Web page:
The Mitchell Lake Wetlands Wildlife Refuge is San Antonio’s premier birding location. In addition to the lake and ponds, this site also provides brush land, grassland, and mudflat habitats. Common birds include Harris’s and Red-tailed Hawks, Crested Caracara, Greater Roadrunner, Black-necked Stilt, Blue Grosbeak, and Neotropic Cormorant. Migration brings several species of warblers, large numbers of ducks, and a wide assortment of shorebirds. Cattle Egrets, Great Egrets, Little Blue Herons, Green Herons, and Yellow-crowned Night-Herons form a rookery on the northeast part of the lake. Groove-billed Ani has also nested here.

Winter is an outstanding time to visit this site. Vermilion Flycatcher, Say’s Phoebe, Cinnamon Teal, as well as numerous sparrows and ducks winter regularly at Mitchell Lake. Rare sightings are not restricted to any particular season: unusual birds often make an appearance, especially after severe weather. Past rare sightings include Magnificent Frigatebird, Ringed Kingfisher, Reddish Egret, and Great Kiskadee. Least Grebes and Roseate Spoonbills are seen from time to time as well.

Look for dragonflies such as Four-Spotted Pennant and Eastern Pondhawk, and butterflies such as Bordered Patch, Buckeye, Variegated Fritillary, and Pipevine Swallowtail.

Phone: 210-308-6788. Phone for access.

104.gif HOTE 104 Medina River Site

Suggested Seasons to visit: All Seasons

Site access restricted. Call ahead.

From Mitchell Lake, go south 4.4 miles on Pleasanton to Neal Road and turn right. Go 0.7 mile on Neal Road and then turn right. The entrance gate is 0.3 mile.

This site provides excellent birding and wildlife viewing in mixed brush and riparian woodland habitats along the Medina River. Mesquite woodlands, brush/cactus scrub, and grasslands create a rich and diverse viewing site. Look for Vermilion Flycatcher, Curve-billed Thrasher, Blue-gray Gnatcatcher, Cactus Wren, and Western Scrub Jay.

Phone: 210-704-7866.

105.gif HOTE 105 Applewhite Crossing

Suggested Seasons to visit: All Seasons

Site open for day use only.

Return to Neal Rd. and go west/right 2.5 miles to Applewhite Road. Take Applewhite Road to the north/right for 0.8 mile. The bridge is just past Jett Road.

En route to this site, note the 5-mile stretch of Applewhite north of this crossing. These roadsides are excellent places to find sparrows and towhees in the winter. In spring and summer, wildflowers are in full bloom. Gaillardia, Mexican hat, wine cup, verbena, and sunflowers attract numerous butterflies, including Gulf Fritillary, Pipevine Swallowtail, and various sulphurs.

At the crossing, park along the road and follow the trail below the bridge. Large cottonwoods, hackberries, and pecans line the creek bottom. Look for Red-Shouldered Hawk, Barred Owl, and Carolina Chickadee. Damselflies are common, as are dragonflies such as Five-striped Leaftail and Neon Skimmer. Observe from the roadside. Most of the land is private property, so please don’t trespass.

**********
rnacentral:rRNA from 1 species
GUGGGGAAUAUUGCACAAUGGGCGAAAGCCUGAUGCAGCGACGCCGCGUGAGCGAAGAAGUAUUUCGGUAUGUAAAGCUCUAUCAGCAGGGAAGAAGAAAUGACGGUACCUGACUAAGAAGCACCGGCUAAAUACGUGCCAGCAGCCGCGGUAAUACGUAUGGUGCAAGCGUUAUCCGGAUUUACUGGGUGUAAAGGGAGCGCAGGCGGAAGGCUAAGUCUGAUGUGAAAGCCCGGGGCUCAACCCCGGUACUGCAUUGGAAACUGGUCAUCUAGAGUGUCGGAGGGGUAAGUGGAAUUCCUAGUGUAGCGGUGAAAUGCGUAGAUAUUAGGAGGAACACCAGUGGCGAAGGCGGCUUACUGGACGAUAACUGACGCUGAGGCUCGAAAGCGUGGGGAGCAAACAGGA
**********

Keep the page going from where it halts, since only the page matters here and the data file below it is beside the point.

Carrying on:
106.gif HOTE 106 Hidden Valley Recreational Park

Suggested Seasons to visit: All Seasons

Site open daily. Developed camping available. Fee charged.

From Applewhite Crossing, take Applewhite Road 1.4 miles north to Watson Road. Go left on Watson for 1.4 miles and cross the highway. Where Watson splits, veer left to return to Watson. Continue on Watson for 4.9 miles. Turn left on Campground Road and follow 0.6 mile to Coleman Way. Turn right and go to the registration house.

In winter, look for American White Pelican, American Pipit, Long-billed Curlew, American Goldfinch and Yellow-bellied Sapsucker. In summer, look for Painted Bunting, Black-chinned Hummingbird, Eastern Bluebird, Barred Owl, Crested Caracara, Green Kingfisher, and Scissor-tailed Flycatcher. Spring migration produces warblers, tanagers, and flycatchers, including Brown-crested Flycatcher. The park offers camping, fishing, and RV hookups.

Phone: 210-623-6737.

107.gif HOTE 107 Dilley Cemetery and Crawford Road

Suggested Seasons to visit: All Seasons

Site open daily. Developed camping available. Fee charged.

From the intersection of I-35 and Loop 410 in south San Antonio, take I-35 South for 57.7 miles to Dilley. At Exit 86, veer right to stay on the I-35 frontage road heading south. After 0.5 mile, turn right onto Hugo Street/CR 4670. Cemetery is on the left.

Birds and butterflies are abundant within this wooded cemetery. Juniper, oaks and willows provide shade and habitat. Look for Eastern Phoebe, Bullock’s Oriole, Ash-throated and Scissor-tailed Flycatchers, Curve-billed Thrasher, Common Nighthawk, Summer Tanager, and White-eyed Vireo. Migrating warblers and flycatchers can be seen during spring.

Return south on I-35 to its intersection with TX 85. Turn left on TX 85 East for 3.2 miles to CR 3800/ Crawford Road.

The grass fields with mixed brush on either side of Crawford Road provide habitat for Dickcissels in the summer. Look for Lark and Black-throated Sparrows, Pyrrhuloxia, Cactus Wren, and Northern Bobwhite. In the winter, the area has a diversity of sparrows. At both locations, look for soaring raptors, as well as scavengers such as Chihuahuan Raven.

108.gif HOTE 108 Lone Star Camp, Franklin Ranch

Suggested Seasons to visit: All Seasons

Site open daily. Developed camping available. Fee charged.

This 5500-acre ranch provides extensive habitat for exploring the native brush country of south Texas. San Miguel Creek provides excellent riparian habitat. Expect to find Long-billed Thrasher, Curve-billed Thrasher, Green Jay, Vermilion Flycatcher, Golden-fronted Woodpecker, Harris’s Hawk, and a variety of other Brush Country specialties. Wildlife viewing blinds are available for photography, and guided nature tours can be arranged.

Phone: 361-274-3514. Call for Directions. www.lonestarcamp.com